Tag Archives: Foreign Policy

Necessary Acts Are Never Popular – So Politicians Have Done Nothing about Iran or North Korea

The situation on the Korean peninsula has not been good for a long time. But the ceasefire agreed in the 1950s, following years of open warfare, seems more strained now than at any moment in recent memory. Continue reading

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How the Iraqis Won at Tal Afar

It was a swift victory, one all the more remarkable for being so unexpected.

After the fall of Mosul, which had taken many months and cost innumerable lives, the attention of the Iraqi state and the international coalition, and the watching world, fell on Tal Afar. It was one of the Islamic State’s last major urban territories in Iraq. Continue reading

After an Election Victory, Emmanuel Macron’s Foreign Outlook Is Hardening

Emmanuel Macron has a difficult task ahead of him.

The new French president is stellar in many ways. Continue reading

As His Syria Strike Shows, Trump Is the Man to Solve the North Korea Problem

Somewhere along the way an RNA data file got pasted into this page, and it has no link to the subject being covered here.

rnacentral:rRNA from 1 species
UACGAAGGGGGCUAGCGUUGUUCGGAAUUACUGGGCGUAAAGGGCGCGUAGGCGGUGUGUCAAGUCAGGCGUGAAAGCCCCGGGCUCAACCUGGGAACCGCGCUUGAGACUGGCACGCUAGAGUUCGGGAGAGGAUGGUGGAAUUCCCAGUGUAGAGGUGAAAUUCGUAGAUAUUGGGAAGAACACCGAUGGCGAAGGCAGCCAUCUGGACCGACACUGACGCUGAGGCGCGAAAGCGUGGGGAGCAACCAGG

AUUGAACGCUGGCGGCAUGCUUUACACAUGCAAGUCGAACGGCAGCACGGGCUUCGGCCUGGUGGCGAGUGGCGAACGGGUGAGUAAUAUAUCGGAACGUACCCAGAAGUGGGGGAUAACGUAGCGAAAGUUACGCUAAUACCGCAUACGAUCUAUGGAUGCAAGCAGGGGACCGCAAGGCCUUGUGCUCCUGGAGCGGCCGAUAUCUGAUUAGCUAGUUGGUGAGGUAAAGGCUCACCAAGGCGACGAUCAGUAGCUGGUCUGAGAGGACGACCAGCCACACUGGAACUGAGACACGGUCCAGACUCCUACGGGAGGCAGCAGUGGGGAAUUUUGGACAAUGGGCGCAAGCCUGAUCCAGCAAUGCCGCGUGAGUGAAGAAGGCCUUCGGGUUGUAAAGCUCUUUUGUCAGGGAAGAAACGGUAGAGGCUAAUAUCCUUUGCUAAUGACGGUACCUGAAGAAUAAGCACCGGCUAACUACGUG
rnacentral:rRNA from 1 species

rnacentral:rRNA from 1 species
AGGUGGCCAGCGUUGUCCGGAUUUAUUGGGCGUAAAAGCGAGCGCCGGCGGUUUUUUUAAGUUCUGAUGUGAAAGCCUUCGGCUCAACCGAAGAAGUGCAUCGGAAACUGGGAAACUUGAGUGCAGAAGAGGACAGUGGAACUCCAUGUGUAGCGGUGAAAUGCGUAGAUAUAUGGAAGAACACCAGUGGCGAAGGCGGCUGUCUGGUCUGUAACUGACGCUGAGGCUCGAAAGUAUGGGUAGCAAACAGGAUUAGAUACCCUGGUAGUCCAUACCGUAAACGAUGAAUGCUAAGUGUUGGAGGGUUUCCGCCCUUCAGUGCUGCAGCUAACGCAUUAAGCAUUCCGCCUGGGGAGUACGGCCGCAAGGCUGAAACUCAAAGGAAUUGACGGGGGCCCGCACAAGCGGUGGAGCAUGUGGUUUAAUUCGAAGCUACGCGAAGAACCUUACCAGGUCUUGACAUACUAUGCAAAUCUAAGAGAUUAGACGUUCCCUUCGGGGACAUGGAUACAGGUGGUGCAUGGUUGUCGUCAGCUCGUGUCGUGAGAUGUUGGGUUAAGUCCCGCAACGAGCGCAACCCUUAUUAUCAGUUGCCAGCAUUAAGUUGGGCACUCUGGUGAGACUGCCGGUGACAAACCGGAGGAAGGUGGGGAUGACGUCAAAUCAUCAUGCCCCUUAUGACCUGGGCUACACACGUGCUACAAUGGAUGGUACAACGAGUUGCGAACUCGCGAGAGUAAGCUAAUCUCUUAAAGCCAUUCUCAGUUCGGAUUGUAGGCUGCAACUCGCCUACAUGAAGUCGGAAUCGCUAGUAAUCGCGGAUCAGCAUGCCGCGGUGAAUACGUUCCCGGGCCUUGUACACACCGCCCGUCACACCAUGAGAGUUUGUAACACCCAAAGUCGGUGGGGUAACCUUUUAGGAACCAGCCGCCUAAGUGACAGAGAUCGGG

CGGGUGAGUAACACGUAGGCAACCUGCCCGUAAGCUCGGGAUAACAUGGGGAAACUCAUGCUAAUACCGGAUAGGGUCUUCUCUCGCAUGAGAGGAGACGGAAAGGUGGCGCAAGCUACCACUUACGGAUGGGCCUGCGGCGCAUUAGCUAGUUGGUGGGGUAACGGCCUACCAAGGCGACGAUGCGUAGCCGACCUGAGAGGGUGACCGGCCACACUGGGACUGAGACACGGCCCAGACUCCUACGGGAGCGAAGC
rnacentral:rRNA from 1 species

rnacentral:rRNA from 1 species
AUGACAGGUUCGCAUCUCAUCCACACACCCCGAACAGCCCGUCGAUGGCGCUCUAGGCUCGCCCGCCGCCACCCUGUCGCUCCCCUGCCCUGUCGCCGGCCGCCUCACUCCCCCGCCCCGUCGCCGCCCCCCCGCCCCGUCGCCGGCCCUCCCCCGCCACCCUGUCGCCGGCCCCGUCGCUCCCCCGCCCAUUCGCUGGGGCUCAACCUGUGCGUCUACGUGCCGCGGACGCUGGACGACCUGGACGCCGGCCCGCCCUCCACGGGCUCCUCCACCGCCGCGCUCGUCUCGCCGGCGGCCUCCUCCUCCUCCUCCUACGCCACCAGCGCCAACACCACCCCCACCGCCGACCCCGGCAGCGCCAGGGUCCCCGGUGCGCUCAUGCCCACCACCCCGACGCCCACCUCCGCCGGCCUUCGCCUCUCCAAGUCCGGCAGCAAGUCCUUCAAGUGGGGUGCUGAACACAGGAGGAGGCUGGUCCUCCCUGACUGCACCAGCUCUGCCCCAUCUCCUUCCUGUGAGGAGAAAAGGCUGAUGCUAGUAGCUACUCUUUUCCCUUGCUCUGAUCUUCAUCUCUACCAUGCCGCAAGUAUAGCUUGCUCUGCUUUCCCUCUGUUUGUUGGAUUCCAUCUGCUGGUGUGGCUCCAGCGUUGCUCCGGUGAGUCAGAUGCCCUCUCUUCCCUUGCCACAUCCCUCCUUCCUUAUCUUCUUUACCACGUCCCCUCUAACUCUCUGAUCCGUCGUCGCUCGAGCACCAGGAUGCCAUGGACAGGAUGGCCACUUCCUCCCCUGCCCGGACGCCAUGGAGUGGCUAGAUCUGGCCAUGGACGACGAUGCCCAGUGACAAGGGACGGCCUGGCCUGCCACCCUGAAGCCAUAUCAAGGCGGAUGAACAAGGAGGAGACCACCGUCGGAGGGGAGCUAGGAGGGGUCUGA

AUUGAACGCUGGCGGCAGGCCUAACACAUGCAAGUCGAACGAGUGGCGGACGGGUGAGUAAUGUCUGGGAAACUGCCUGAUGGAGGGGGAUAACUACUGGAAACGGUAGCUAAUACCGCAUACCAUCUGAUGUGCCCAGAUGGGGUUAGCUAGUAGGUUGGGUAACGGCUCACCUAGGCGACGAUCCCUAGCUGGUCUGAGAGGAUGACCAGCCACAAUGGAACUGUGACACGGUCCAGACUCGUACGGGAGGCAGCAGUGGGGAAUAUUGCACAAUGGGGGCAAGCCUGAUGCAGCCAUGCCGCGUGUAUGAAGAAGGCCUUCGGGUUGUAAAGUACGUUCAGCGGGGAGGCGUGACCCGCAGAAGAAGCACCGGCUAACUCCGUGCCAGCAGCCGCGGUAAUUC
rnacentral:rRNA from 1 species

In the West, North Korea used to be a punchline. The hermit state was known to be repressive and its leaders were seen to be deeply cruel. But amid stories of man-made famines and mass starvation, prison systems and summary executions, Western journalists found something else to write about. Continue reading

Brexit Obsession and Foreign Policy

Leaving the European Union (EU) is beginning to get difficult. In recent weeks the prime minister has faced muted opposition in the House of Commons and active defiance in the Lords. Continue reading

The Decline of Conservative Internationalism

The election of Donald Trump is a stunning, if potentially salutary, event. Ever the outsider, Trump seemed incapable of capturing enough support nationally to defeat Hillary Clinton at the polls. But now he has, and his policies, unencumbered by opposition in either Congress or the Supreme Court, are soon going to become those of the United States. Continue reading

Foreign Fighters: From Kurdistan to the Caliphate

Much is made of the foreign fighters who flock to join the ‘caliphate’ Islamic State (IS) claims to have established in Iraq and Syria.

Although many foreign fighters are from Middle Eastern and North African countries, the international focus is on those from prosperous Western nations. These people are many things: a clear and present threat to national security, something of a rebuke to the societies from which they came, and also an important puzzle. Continue reading